A Memory

I was given a memory today of work I had done some thirty years ago. As my thoughts were carried back to those events, I saw a young, energetic and glowing idealist launching out in to the unknown and working with such fervour, that it looked as if he would go up in flames at any moment. Today, having experienced the uncertainties andΒ the strugglesΒ of life, I find myself in that ghostly realm between idealism and realism not quite sure which one to hold on to. Perhaps it’s both. That certainly sounds more realistic and whole, but I must confess there are times when I hear the whispers of that glowing young person and I want to take his hand and launch out with him again.

Advertisements

About Don

I love life. Sometimes it makes sense, other times not. Discerning its underlying patterns and beauty always provides great reward and meaning and is a passion I ineptly follow. I feel deeply attached to nature and love the sea with its distinct moods and colour and find walking along its beaches wonderfully inspiring. Writing, sketching and photography is a sheer joy for me and the blog is one of the places I am able to express these pursuits.
This entry was posted in Contemplation, inspiration, Life, My Journal, Spirituality, wisdom and insight and tagged , , , . Bookmark the permalink.

57 Responses to A Memory

  1. Tim Attwell says:

    Evocative thoughts Don, thank you. The great thing about being thirty, or forty or more years on, is that at last one is free to do and say and be what one set out to do, say and be in the first place!

    Like

  2. I think you have expressed a valid sentiment Don and many people feel like this as life changes.

    As I change and get older, I have realised my greatest challenge is not looking for the ideal or perfect life. It is figuring out who I am here and now and finding what I love doing the most. Once I started doing this (which I am) it extends into every part of my life and I wouldnt want to be anywhere else.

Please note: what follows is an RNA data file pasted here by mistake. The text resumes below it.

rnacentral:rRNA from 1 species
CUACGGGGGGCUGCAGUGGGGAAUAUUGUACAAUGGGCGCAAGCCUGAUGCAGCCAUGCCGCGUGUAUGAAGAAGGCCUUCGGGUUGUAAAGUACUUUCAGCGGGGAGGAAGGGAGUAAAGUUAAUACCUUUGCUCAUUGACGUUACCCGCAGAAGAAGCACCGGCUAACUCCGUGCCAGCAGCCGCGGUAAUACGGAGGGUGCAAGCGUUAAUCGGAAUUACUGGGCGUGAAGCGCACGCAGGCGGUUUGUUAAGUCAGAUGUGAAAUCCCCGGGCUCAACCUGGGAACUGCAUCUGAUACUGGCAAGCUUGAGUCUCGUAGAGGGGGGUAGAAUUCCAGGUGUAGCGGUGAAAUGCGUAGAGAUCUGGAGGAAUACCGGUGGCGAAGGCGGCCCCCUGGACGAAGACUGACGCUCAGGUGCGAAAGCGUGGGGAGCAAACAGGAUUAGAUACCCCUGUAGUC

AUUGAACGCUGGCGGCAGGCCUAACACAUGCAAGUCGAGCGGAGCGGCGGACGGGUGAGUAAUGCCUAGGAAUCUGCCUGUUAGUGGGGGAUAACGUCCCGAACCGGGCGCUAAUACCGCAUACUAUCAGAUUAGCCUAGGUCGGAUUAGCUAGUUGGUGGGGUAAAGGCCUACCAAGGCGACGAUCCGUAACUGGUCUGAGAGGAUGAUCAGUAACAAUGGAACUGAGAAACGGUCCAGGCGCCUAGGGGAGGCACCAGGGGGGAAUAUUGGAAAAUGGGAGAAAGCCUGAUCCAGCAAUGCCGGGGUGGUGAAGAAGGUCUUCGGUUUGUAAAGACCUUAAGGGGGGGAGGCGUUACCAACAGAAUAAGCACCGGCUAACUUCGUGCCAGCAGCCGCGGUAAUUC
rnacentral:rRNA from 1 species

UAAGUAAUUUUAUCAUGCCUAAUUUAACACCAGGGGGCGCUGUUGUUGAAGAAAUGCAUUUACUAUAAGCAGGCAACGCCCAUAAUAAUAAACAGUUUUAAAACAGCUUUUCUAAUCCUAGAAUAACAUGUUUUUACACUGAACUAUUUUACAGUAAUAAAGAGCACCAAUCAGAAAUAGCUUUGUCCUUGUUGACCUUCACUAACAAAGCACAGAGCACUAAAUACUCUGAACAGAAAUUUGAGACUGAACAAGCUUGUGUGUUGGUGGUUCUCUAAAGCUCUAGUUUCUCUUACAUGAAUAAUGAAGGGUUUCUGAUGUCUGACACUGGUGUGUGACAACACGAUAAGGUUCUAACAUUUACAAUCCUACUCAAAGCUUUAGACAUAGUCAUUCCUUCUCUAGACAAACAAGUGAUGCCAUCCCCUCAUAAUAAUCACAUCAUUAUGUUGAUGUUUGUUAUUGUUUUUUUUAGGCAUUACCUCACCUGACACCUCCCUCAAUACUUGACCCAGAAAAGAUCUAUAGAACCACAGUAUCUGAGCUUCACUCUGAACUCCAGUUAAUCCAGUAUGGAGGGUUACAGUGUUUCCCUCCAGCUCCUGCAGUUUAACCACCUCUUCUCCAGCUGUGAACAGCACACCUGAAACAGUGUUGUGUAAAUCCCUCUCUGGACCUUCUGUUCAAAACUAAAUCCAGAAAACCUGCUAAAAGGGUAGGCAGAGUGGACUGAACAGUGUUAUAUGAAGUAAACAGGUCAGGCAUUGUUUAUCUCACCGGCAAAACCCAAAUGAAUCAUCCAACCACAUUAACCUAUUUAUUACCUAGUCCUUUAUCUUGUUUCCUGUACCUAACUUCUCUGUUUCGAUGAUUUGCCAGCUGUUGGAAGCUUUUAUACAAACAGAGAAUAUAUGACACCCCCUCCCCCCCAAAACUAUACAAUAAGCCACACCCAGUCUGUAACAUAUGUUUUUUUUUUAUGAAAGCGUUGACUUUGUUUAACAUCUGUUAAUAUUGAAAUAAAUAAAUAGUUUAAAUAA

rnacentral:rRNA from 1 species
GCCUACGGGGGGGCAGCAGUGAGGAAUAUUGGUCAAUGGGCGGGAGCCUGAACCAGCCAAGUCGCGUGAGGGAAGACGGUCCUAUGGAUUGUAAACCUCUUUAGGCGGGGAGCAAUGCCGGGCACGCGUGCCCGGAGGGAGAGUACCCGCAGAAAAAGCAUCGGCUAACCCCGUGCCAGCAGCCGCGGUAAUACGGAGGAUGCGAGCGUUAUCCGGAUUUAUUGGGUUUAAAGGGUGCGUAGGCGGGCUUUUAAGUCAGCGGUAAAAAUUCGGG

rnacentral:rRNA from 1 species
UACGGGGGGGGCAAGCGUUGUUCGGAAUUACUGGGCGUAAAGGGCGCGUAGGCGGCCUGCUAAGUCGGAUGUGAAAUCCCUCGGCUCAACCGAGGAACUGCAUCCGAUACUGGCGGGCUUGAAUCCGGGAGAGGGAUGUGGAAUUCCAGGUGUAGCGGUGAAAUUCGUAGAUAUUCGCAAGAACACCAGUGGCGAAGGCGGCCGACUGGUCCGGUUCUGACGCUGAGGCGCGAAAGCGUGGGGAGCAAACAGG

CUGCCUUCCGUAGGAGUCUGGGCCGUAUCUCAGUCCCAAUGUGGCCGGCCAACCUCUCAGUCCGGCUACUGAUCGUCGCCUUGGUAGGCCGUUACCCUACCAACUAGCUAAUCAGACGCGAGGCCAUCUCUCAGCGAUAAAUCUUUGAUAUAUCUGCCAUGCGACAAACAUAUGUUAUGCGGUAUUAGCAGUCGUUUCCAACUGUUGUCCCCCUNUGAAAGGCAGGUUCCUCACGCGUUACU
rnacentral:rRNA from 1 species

Our passion for life is what keeps us feeling young and I am sure that “energetic glowing idealist” is still within you!

    Like

  3. Hariod Brawn says:

    Something deep to consider here Don, and as usual, you offer far more than that which first appears to be the case. On initial pondering: Our younger self imagines it will carry forward in time with its plans and their imagined fruits, only for the older self to discover that it did not. Yet the older self still wants a plan with fruitions, just as its younger sibling did, and even though it too will not persist into the future. Perhaps then, our task is to disentangle these disappearing selves from our plans and their possible outcomes? The problem is, that too presumes a self with a plan; so you are right, we need to stand in a “ghostly realm”, willing to proceed with a planner-less plan, one which produces fruit, yet for no one (imagined) self to possess.

    Liked by 1 person

  4. Dan Antion says:

    I think hanging onto both is important Don. I remember early days like you describe here. Those memories are important. I like to think of it like the first stage of the rocket. It got us here but this is where the important work happens.

    Liked by 1 person

  5. Dan Antion says:

    By the way, the like button ixNay loading 😦

    Like

  6. davecenker says:

    Right there with you Don – right there with you πŸ™‚ Those -isms will get us every time, the struggle between ideal and real. I saw a quote the other day – creativity is allowing yourself to make mistakes, art is knowing which ones to keep.

    It seems to be, as always, a delicate balance between the ideal and the real. But, I’m with you. I find myself, more and more, pining for the opportunity to take the hand of my younger self and head out on a grand adventure. Stay inspired and keep reaching beyond the realm of the real and into the world of ideal πŸ˜‰

    Liked by 2 people

  7. Mary says:

    I love your memory and feelings Don. To me it’s the ying and yang of life, of young and old fevers of xuberance that is the fire and spirit of mind and body. For me it is the thirst that I hope stays within me for a long time to come. Great post to start the week Don.

    Like

  8. I hear you on this Don! Life seems to slowly but surely beat the idealism out of us. It is hard to stay outraged about issues that are important to us over a long period of time, eventually we look the other way, for sanity’s sake and try to find peace in our immediate space.